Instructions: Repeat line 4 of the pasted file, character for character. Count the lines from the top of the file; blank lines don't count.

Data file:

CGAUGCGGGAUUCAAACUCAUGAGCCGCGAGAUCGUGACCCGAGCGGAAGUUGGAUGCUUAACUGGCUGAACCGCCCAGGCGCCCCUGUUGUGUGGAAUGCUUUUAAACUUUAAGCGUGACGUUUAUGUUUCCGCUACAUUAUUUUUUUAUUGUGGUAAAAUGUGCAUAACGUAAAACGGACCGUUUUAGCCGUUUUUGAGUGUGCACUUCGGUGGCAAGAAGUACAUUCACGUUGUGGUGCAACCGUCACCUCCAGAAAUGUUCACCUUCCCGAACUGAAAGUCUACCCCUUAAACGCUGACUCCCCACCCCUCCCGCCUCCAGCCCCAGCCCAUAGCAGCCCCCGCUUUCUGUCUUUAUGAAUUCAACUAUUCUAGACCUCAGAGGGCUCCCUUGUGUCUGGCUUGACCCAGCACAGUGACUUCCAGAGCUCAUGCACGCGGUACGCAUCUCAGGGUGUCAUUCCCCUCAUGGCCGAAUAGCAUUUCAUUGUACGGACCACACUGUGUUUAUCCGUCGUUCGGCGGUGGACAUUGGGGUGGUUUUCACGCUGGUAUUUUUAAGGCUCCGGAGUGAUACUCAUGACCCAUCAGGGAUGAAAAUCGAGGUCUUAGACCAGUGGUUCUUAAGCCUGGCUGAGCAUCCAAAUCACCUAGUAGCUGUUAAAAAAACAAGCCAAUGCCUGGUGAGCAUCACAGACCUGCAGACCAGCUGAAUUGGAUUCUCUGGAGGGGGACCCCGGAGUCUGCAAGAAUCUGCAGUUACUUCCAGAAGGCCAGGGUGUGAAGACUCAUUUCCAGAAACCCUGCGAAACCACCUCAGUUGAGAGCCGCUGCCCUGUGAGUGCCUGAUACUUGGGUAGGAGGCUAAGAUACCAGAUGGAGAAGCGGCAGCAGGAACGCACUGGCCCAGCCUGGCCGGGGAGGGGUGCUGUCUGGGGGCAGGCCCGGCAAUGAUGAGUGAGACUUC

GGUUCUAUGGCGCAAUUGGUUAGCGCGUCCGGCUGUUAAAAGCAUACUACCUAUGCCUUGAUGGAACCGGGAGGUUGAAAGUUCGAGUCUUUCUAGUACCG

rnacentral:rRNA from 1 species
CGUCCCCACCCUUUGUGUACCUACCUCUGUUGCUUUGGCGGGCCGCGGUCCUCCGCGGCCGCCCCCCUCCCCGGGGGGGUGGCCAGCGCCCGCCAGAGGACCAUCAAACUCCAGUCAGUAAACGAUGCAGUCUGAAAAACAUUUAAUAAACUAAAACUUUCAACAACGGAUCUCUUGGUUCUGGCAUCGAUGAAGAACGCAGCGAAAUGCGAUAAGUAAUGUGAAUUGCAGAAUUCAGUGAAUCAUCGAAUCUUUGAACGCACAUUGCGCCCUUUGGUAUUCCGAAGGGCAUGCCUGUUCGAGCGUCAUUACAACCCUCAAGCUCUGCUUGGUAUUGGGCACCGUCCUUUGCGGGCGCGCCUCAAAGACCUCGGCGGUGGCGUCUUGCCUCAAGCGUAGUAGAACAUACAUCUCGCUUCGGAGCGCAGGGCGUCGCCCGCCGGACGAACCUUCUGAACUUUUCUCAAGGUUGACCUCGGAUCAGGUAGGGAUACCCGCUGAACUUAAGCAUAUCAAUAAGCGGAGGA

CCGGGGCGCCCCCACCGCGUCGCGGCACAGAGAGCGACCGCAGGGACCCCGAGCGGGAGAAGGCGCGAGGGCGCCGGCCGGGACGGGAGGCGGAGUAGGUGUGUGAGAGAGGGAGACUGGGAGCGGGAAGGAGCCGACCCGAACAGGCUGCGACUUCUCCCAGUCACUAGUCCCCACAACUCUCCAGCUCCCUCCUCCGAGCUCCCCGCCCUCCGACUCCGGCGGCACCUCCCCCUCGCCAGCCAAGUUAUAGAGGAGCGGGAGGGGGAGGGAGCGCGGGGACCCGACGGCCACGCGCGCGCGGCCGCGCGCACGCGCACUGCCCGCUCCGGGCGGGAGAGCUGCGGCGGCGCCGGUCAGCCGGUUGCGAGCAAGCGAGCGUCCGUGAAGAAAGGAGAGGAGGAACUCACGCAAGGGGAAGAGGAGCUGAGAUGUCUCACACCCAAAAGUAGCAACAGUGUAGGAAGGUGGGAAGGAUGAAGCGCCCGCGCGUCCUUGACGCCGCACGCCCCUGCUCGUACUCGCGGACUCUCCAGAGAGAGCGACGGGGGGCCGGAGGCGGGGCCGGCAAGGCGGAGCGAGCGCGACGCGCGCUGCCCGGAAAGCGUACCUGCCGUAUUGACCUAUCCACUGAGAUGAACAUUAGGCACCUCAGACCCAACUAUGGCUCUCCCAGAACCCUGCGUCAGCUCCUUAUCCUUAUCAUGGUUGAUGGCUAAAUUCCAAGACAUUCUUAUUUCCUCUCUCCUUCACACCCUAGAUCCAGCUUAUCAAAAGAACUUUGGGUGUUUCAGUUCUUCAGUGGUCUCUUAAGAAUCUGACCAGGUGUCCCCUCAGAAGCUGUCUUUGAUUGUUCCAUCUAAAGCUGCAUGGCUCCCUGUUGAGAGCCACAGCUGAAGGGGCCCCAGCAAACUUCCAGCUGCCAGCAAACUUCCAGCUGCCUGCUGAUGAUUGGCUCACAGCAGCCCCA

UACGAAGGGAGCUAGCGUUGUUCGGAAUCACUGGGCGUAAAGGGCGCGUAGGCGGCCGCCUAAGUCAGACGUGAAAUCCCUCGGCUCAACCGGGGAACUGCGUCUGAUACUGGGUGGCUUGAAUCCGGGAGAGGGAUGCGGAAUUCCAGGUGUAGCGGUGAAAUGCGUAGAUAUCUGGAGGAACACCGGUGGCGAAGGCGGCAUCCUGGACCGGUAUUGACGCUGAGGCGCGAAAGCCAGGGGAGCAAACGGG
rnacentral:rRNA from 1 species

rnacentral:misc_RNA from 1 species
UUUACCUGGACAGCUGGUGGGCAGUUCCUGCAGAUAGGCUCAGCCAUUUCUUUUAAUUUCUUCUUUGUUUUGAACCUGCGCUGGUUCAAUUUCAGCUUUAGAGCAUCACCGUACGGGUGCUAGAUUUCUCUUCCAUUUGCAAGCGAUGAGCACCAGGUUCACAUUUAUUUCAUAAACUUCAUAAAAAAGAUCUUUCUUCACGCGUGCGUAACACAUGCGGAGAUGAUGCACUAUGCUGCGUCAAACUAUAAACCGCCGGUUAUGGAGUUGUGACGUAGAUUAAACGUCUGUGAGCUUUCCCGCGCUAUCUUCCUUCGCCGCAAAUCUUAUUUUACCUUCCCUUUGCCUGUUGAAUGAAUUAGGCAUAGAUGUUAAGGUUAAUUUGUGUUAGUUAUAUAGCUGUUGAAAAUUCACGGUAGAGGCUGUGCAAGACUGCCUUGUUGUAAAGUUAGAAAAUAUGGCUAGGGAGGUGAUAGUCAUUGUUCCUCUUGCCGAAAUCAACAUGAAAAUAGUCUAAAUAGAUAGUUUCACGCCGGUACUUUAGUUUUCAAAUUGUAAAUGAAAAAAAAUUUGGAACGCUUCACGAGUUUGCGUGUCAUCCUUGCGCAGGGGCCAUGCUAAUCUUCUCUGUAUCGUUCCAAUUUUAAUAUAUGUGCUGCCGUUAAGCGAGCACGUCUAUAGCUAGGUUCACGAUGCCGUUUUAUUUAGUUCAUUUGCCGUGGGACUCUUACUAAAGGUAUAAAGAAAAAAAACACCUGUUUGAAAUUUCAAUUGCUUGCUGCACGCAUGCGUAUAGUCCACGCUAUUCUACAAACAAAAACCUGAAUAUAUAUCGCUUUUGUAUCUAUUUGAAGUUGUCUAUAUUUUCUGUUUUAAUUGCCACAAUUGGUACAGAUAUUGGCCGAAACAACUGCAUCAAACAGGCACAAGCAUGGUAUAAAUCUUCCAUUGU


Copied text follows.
CGUCCCCACCCUUUGUGUACCUACCUCUGUUGCUUUGGCGGGCCGCGGUCCUCCGCGGCCGCCCCCCUCCCCGGGGGGGUGGCCAGCGCCCGCCAGAGGACCAUCAAACUCCAGUCAGUAAACGAUGCAGUCUGAAAAACAUUUAAUAAACUAAAACUUUCAACAACGGAUCUCUUGGUUCUGGCAUCGAUGAAGAACGCAGCGAAAUGCGAUAAGUAAUGUGAAUUGCAGAAUUCAGUGAAUCAUCGAAUCUUUGAACGCACAUUGCGCCCUUUGGUAUUCCGAAGGGCAUGCCUGUUCGAGCGUCAUUACAACCCUCAAGCUCUGCUUGGUAUUGGGCACCGUCCUUUGCGGGCGCGCCUCAAAGACCUCGGCGGUGGCGUCUUGCCUCAAGCGUAGUAGAACAUACAUCUCGCUUCGGAGCGCAGGGCGUCGCCCGCCGGACGAACCUUCUGAACUUUUCUCAAGGUUGACCUCGGAUCAGGUAGGGAUACCCGCUGAACUUAAGCAUAUCAAUAAGCGGAGGA